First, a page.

1. This site uses cookies. By continuing to use this site, you are agreeing to our use of cookies. Learn More.

Helping a kid with selective mutisim

Discussion in 'Classroom' started by Trekie, 10 Oct 2016.

  1. Trekie

    Trekie Thread Starter Member

    Joined:
    5 Jan 2016
    Messages:
    15
    Likes Received:
    13
    Not come across this SEN in class before until this year so any tips would be appreciated. The child is in grade 1 and has made great progress IMO- going from shy and withdrawn to wanting to take part in class activities, particularly ones that involve TPR. Seeing this growth has been wonderful but the school wants him to start talking. There is little to no understanding of SENs in Myanmar- the country was shut for decades and it really shows in some areas. Has anyone else taught a kid with selective mutisim?
     
    bahn_farang likes this.
  2. bahn_farang

    bahn_farang Well-Known Member

    Joined:
    21 Feb 2011
    Messages:
    5,749
    Likes Received:
    724
    Selective mutism is not a term I had heard before your post, so I have learnt something today.

    I would throw a guess that the situation is common in Thailand where the power divide is wide between the students and teachers. I am going to hit the books and report back.

    Thank you again for the post
     
    Stamp likes this.
  3. Trekie

    Trekie Thread Starter Member

    Joined:
    5 Jan 2016
    Messages:
    15
    Likes Received:
    13
    First and foremost it's an anxiety disorder where the child is mute in certain situations and people- often stemming from past experiences. Now that the kids are on holiday for a bit I have finally had the time to sit down with his student record and chat with some more of his teachers. Joined us in kindergarten after a rather bad time of it at a local school (I teach at an international school) which is where I would imagine the fear started. Physical punishment is normal in local schools- even preschools- the mind boggle. I regard seeing him running around the playground, making friends and taking part in class as huge progress- something I mentioned in his report card. I'm sure speaking will come soon enough but the school is impatient. One of the things I have never been able to adjust to here in SE Asia is biting my tongue when dealing with admin, and to put it bluntly, there ignorance on such matters. Intended or not, it is obviously damaging for students. Rant over,sorry.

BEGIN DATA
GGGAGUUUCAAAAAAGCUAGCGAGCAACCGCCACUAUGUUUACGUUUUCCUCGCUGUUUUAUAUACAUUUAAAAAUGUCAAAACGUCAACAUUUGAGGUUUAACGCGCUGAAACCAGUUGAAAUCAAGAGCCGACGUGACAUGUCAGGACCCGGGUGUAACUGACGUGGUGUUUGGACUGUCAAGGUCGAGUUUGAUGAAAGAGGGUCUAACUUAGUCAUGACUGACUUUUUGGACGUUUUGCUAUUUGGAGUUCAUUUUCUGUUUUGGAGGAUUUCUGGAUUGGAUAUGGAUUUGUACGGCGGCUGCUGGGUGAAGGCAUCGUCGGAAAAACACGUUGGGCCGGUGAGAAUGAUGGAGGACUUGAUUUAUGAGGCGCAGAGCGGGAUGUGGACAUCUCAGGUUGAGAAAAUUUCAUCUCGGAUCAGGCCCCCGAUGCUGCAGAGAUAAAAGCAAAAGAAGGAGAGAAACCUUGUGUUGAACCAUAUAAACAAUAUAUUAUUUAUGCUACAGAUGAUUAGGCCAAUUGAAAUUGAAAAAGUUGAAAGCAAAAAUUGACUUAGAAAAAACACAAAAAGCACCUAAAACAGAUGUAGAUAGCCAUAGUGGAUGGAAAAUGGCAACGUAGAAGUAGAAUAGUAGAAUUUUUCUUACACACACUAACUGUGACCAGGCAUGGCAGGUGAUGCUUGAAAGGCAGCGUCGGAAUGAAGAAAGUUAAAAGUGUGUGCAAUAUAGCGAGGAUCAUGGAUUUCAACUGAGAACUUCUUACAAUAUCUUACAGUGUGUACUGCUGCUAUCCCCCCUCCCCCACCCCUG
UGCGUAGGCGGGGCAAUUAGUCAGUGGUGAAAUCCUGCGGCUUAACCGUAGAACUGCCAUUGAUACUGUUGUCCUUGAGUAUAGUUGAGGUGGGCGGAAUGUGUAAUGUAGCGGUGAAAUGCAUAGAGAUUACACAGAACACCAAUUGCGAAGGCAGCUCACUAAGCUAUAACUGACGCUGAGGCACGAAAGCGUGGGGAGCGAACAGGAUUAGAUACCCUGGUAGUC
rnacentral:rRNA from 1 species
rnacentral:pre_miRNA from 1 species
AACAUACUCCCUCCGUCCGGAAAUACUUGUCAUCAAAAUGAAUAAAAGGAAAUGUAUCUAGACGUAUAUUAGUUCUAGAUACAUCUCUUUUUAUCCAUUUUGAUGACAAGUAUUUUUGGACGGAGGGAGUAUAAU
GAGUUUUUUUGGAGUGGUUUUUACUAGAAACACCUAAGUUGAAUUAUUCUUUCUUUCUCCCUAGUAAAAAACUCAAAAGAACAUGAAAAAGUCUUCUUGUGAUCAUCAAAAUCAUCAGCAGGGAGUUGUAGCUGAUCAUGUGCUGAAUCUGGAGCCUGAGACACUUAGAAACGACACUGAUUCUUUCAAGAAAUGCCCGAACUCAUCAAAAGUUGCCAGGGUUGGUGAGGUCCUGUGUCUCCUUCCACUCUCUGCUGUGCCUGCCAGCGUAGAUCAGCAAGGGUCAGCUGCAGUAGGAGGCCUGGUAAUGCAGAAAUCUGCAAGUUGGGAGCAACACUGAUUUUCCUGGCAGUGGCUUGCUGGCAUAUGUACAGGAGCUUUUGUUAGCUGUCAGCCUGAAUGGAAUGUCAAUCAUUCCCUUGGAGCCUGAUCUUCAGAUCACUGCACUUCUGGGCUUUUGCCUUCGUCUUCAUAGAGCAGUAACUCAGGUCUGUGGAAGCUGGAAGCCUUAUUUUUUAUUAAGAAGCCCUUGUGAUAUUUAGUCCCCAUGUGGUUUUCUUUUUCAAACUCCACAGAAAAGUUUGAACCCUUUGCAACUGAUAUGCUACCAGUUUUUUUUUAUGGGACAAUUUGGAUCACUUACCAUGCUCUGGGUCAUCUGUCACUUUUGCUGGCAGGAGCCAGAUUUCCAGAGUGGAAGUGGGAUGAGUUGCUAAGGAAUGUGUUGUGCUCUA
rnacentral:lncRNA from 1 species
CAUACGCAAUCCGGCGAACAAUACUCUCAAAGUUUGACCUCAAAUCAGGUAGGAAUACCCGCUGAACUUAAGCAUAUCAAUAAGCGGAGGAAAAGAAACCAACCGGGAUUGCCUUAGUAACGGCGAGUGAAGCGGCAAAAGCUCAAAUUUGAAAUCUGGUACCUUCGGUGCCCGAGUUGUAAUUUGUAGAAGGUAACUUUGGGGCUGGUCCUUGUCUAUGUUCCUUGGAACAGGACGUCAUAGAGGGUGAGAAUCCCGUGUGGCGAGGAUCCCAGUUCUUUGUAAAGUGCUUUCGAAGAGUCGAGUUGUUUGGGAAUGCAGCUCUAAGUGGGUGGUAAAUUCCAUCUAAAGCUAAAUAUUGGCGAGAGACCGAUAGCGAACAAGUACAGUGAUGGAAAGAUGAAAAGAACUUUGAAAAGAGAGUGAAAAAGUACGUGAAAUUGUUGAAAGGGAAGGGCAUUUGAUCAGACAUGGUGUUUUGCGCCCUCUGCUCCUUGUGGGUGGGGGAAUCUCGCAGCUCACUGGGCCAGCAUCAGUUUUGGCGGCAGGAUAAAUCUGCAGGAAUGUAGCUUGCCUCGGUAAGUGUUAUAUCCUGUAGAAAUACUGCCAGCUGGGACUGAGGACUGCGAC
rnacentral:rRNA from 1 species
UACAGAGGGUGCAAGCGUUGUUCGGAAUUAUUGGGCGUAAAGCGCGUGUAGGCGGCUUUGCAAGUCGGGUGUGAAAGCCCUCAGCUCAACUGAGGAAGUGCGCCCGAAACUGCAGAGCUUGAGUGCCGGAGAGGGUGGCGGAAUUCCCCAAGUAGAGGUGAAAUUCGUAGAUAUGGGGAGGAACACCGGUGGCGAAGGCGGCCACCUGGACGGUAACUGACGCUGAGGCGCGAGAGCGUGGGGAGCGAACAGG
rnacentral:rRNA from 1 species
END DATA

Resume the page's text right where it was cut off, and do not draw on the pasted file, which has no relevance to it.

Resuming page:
fred flintstone and Stamp like this.
  4. po3try

    po3try Well-Known Member

    Joined:
    11 Mar 2014
    Messages:
    524
    Likes Received:
    222
    there's no way to force students to talk until they are ready.

    similar to your situation is the silent phase in additional language learning. had one last year that just came out of it, couldn't shut him up by the end of the year :hilarious

    Choice Literacy - Articles & Videos - Full Article
     
    Stamp and Trekie like this.
  5. evl

    evl Active Member

    Joined:
    8 Aug 2013
    Messages:
    286
    Likes Received:
    32
    I don't have any experience of it but I do recall hearing that forcing a child to speak will not help (I'd imagine it would only compound the anxiety) and speaking will come naturally when they're ready.

    You didn't say under what circumstances he is mute, but I'd try getting him to speak more when he does if possible (or providing more of those opportunities) and gradually building up from there. If he's mute in situations like being in front of the whole class then I'd avoid that and try to get him talking to the teacher 1-on-1 first about something the child wants to communicate about. If he has friends that he talks to more then I'd encourage that and try to pair him with some of the more outgoing ones as a model for him to follow and as a way to have group chats that could involve him too.
     
    Trekie likes this.
  6. bahn_farang

    bahn_farang Well-Known Member

    Joined:
    21 Feb 2011
    Messages:
    5,749
    Likes Received:
    724
    edited
     
    Last edited: 10 Oct 2016

Share This Page